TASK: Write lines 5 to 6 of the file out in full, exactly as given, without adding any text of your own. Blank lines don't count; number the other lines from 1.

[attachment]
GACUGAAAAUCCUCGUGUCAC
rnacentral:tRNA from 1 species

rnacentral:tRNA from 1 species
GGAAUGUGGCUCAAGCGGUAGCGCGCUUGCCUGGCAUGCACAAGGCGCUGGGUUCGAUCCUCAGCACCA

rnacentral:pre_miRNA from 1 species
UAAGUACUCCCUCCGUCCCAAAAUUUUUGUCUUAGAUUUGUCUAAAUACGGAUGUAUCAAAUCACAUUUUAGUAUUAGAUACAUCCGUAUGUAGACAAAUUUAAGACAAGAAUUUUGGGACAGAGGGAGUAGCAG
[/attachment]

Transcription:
rnacentral:pre_miRNA from 1 species
UAAGUACUCCCUCCGUCCCAAAAUUUUUGUCUUAGAUUUGUCUAAAUACGGAUGUAUCAAAUCACAUUUUAGUAUUAGAUACAUCCGUAUGUAGACAAAUUUAAGACAAGAAUUUUGGGACAGAGGGAGUAGCAG